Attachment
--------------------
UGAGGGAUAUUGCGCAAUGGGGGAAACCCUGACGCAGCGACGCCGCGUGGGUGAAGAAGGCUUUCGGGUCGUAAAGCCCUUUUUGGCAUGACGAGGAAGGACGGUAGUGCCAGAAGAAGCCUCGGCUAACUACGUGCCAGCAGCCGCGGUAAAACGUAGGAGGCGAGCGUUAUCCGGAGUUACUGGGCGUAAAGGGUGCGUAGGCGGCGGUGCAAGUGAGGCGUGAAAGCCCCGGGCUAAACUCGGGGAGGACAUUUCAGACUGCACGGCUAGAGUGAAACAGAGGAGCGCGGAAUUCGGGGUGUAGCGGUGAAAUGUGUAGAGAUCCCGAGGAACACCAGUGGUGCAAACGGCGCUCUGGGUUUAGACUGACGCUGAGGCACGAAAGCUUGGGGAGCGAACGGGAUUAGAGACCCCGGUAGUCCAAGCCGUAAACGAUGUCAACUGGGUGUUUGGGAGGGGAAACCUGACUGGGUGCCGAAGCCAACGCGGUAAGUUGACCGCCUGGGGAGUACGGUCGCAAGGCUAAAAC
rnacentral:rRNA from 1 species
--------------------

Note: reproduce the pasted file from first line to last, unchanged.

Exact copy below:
UGAGGGAUAUUGCGCAAUGGGGGAAACCCUGACGCAGCGACGCCGCGUGGGUGAAGAAGGCUUUCGGGUCGUAAAGCCCUUUUUGGCAUGACGAGGAAGGACGGUAGUGCCAGAAGAAGCCUCGGCUAACUACGUGCCAGCAGCCGCGGUAAAACGUAGGAGGCGAGCGUUAUCCGGAGUUACUGGGCGUAAAGGGUGCGUAGGCGGCGGUGCAAGUGAGGCGUGAAAGCCCCGGGCUAAACUCGGGGAGGACAUUUCAGACUGCACGGCUAGAGUGAAACAGAGGAGCGCGGAAUUCGGGGUGUAGCGGUGAAAUGUGUAGAGAUCCCGAGGAACACCAGUGGUGCAAACGGCGCUCUGGGUUUAGACUGACGCUGAGGCACGAAAGCUUGGGGAGCGAACGGGAUUAGAGACCCCGGUAGUCCAAGCCGUAAACGAUGUCAACUGGGUGUUUGGGAGGGGAAACCUGACUGGGUGCCGAAGCCAACGCGGUAAGUUGACCGCCUGGGGAGUACGGUCGCAAGGCUAAAAC
rnacentral:rRNA from 1 species